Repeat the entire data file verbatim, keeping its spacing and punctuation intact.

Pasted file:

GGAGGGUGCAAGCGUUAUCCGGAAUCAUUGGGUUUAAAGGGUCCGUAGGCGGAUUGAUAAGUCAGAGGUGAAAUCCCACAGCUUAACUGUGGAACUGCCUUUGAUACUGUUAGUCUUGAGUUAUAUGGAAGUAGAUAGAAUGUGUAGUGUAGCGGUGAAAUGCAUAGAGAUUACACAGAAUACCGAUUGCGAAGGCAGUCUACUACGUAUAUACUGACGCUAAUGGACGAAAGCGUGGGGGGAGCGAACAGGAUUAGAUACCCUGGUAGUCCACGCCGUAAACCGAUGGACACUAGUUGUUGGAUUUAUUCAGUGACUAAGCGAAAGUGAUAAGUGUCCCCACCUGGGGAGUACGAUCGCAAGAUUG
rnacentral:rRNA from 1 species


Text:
GGAGGGUGCAAGCGUUAUCCGGAAUCAUUGGGUUUAAAGGGUCCGUAGGCGGAUUGAUAAGUCAGAGGUGAAAUCCCACAGCUUAACUGUGGAACUGCCUUUGAUACUGUUAGUCUUGAGUUAUAUGGAAGUAGAUAGAAUGUGUAGUGUAGCGGUGAAAUGCAUAGAGAUUACACAGAAUACCGAUUGCGAAGGCAGUCUACUACGUAUAUACUGACGCUAAUGGACGAAAGCGUGGGGGGAGCGAACAGGAUUAGAUACCCUGGUAGUCCACGCCGUAAACCGAUGGACACUAGUUGUUGGAUUUAUUCAGUGACUAAGCGAAAGUGAUAAGUGUCCCCACCUGGGGAGUACGAUCGCAAGAUUG
rnacentral:rRNA from 1 species